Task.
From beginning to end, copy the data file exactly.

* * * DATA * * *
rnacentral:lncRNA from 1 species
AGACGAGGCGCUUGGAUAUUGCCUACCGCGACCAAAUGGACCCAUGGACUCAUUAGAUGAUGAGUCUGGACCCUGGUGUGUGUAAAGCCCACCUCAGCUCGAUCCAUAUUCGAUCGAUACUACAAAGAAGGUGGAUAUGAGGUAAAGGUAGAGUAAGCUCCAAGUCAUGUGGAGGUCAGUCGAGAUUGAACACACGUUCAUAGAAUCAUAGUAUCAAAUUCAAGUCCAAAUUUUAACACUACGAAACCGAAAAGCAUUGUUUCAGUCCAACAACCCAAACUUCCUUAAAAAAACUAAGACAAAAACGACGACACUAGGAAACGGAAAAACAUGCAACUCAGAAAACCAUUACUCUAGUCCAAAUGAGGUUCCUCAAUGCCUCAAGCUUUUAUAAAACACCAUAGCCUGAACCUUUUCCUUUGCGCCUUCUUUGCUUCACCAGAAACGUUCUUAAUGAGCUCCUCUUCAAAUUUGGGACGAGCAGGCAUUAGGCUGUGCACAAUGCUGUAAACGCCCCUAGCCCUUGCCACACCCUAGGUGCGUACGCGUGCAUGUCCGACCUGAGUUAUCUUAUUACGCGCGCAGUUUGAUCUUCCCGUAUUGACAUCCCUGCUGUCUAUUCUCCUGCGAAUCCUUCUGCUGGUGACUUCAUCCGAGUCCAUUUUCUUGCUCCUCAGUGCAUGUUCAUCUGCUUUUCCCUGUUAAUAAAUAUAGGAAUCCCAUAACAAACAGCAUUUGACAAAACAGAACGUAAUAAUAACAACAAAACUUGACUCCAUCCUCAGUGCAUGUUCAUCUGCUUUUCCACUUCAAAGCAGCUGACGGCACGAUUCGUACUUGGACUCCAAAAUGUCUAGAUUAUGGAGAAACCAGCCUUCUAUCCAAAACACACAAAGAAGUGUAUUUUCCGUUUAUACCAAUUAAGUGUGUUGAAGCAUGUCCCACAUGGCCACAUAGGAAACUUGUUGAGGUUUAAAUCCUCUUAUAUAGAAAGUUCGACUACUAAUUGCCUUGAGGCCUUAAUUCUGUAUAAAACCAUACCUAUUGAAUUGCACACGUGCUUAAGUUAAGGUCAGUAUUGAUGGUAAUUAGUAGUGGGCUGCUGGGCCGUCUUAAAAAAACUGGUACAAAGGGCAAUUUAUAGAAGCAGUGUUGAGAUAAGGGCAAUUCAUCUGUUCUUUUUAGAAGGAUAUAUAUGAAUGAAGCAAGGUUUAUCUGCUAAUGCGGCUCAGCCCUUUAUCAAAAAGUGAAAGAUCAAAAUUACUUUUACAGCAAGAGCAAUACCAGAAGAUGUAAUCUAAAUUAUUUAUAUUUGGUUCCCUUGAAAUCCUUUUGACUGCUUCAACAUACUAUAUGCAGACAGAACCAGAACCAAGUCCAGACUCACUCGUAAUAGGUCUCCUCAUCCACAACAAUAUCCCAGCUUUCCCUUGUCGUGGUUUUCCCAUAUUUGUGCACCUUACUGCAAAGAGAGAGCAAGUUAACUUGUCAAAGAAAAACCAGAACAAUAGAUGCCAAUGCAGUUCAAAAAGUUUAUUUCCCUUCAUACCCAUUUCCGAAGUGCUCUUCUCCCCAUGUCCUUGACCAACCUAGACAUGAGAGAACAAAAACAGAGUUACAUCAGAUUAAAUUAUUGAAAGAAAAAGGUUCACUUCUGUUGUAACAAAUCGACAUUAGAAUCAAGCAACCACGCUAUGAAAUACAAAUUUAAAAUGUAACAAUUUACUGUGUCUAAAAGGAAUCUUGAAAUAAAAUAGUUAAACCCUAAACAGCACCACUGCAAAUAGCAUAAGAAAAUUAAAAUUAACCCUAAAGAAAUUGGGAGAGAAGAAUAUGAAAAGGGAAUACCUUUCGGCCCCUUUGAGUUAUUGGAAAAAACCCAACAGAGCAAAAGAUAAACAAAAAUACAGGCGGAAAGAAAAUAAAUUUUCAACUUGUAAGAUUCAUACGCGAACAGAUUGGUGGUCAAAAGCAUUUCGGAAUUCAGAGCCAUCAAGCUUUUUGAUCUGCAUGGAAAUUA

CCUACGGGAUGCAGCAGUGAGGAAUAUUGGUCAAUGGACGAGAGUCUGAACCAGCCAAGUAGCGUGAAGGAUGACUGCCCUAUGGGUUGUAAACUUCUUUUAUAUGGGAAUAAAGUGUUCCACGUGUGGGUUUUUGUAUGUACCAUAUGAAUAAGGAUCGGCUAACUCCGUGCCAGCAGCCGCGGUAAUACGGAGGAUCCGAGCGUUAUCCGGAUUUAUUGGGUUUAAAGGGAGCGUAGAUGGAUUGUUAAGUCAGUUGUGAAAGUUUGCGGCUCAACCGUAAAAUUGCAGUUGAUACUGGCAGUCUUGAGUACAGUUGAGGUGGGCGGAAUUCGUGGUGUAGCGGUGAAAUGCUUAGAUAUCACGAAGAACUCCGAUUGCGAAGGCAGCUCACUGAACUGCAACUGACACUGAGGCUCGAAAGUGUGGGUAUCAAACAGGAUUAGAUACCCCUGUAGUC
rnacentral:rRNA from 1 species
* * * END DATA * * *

rnacentral:lncRNA from 1 species
AGACGAGGCGCUUGGAUAUUGCCUACCGCGACCAAAUGGACCCAUGGACUCAUUAGAUGAUGAGUCUGGACCCUGGUGUGUGUAAAGCCCACCUCAGCUCGAUCCAUAUUCGAUCGAUACUACAAAGAAGGUGGAUAUGAGGUAAAGGUAGAGUAAGCUCCAAGUCAUGUGGAGGUCAGUCGAGAUUGAACACACGUUCAUAGAAUCAUAGUAUCAAAUUCAAGUCCAAAUUUUAACACUACGAAACCGAAAAGCAUUGUUUCAGUCCAACAACCCAAACUUCCUUAAAAAAACUAAGACAAAAACGACGACACUAGGAAACGGAAAAACAUGCAACUCAGAAAACCAUUACUCUAGUCCAAAUGAGGUUCCUCAAUGCCUCAAGCUUUUAUAAAACACCAUAGCCUGAACCUUUUCCUUUGCGCCUUCUUUGCUUCACCAGAAACGUUCUUAAUGAGCUCCUCUUCAAAUUUGGGACGAGCAGGCAUUAGGCUGUGCACAAUGCUGUAAACGCCCCUAGCCCUUGCCACACCCUAGGUGCGUACGCGUGCAUGUCCGACCUGAGUUAUCUUAUUACGCGCGCAGUUUGAUCUUCCCGUAUUGACAUCCCUGCUGUCUAUUCUCCUGCGAAUCCUUCUGCUGGUGACUUCAUCCGAGUCCAUUUUCUUGCUCCUCAGUGCAUGUUCAUCUGCUUUUCCCUGUUAAUAAAUAUAGGAAUCCCAUAACAAACAGCAUUUGACAAAACAGAACGUAAUAAUAACAACAAAACUUGACUCCAUCCUCAGUGCAUGUUCAUCUGCUUUUCCACUUCAAAGCAGCUGACGGCACGAUUCGUACUUGGACUCCAAAAUGUCUAGAUUAUGGAGAAACCAGCCUUCUAUCCAAAACACACAAAGAAGUGUAUUUUCCGUUUAUACCAAUUAAGUGUGUUGAAGCAUGUCCCACAUGGCCACAUAGGAAACUUGUUGAGGUUUAAAUCCUCUUAUAUAGAAAGUUCGACUACUAAUUGCCUUGAGGCCUUAAUUCUGUAUAAAACCAUACCUAUUGAAUUGCACACGUGCUUAAGUUAAGGUCAGUAUUGAUGGUAAUUAGUAGUGGGCUGCUGGGCCGUCUUAAAAAAACUGGUACAAAGGGCAAUUUAUAGAAGCAGUGUUGAGAUAAGGGCAAUUCAUCUGUUCUUUUUAGAAGGAUAUAUAUGAAUGAAGCAAGGUUUAUCUGCUAAUGCGGCUCAGCCCUUUAUCAAAAAGUGAAAGAUCAAAAUUACUUUUACAGCAAGAGCAAUACCAGAAGAUGUAAUCUAAAUUAUUUAUAUUUGGUUCCCUUGAAAUCCUUUUGACUGCUUCAACAUACUAUAUGCAGACAGAACCAGAACCAAGUCCAGACUCACUCGUAAUAGGUCUCCUCAUCCACAACAAUAUCCCAGCUUUCCCUUGUCGUGGUUUUCCCAUAUUUGUGCACCUUACUGCAAAGAGAGAGCAAGUUAACUUGUCAAAGAAAAACCAGAACAAUAGAUGCCAAUGCAGUUCAAAAAGUUUAUUUCCCUUCAUACCCAUUUCCGAAGUGCUCUUCUCCCCAUGUCCUUGACCAACCUAGACAUGAGAGAACAAAAACAGAGUUACAUCAGAUUAAAUUAUUGAAAGAAAAAGGUUCACUUCUGUUGUAACAAAUCGACAUUAGAAUCAAGCAACCACGCUAUGAAAUACAAAUUUAAAAUGUAACAAUUUACUGUGUCUAAAAGGAAUCUUGAAAUAAAAUAGUUAAACCCUAAACAGCACCACUGCAAAUAGCAUAAGAAAAUUAAAAUUAACCCUAAAGAAAUUGGGAGAGAAGAAUAUGAAAAGGGAAUACCUUUCGGCCCCUUUGAGUUAUUGGAAAAAACCCAACAGAGCAAAAGAUAAACAAAAAUACAGGCGGAAAGAAAAUAAAUUUUCAACUUGUAAGAUUCAUACGCGAACAGAUUGGUGGUCAAAAGCAUUUCGGAAUUCAGAGCCAUCAAGCUUUUUGAUCUGCAUGGAAAUUA

CCUACGGGAUGCAGCAGUGAGGAAUAUUGGUCAAUGGACGAGAGUCUGAACCAGCCAAGUAGCGUGAAGGAUGACUGCCCUAUGGGUUGUAAACUUCUUUUAUAUGGGAAUAAAGUGUUCCACGUGUGGGUUUUUGUAUGUACCAUAUGAAUAAGGAUCGGCUAACUCCGUGCCAGCAGCCGCGGUAAUACGGAGGAUCCGAGCGUUAUCCGGAUUUAUUGGGUUUAAAGGGAGCGUAGAUGGAUUGUUAAGUCAGUUGUGAAAGUUUGCGGCUCAACCGUAAAAUUGCAGUUGAUACUGGCAGUCUUGAGUACAGUUGAGGUGGGCGGAAUUCGUGGUGUAGCGGUGAAAUGCUUAGAUAUCACGAAGAACUCCGAUUGCGAAGGCAGCUCACUGAACUGCAACUGACACUGAGGCUCGAAAGUGUGGGUAUCAAACAGGAUUAGAUACCCCUGUAGUC
rnacentral:rRNA from 1 species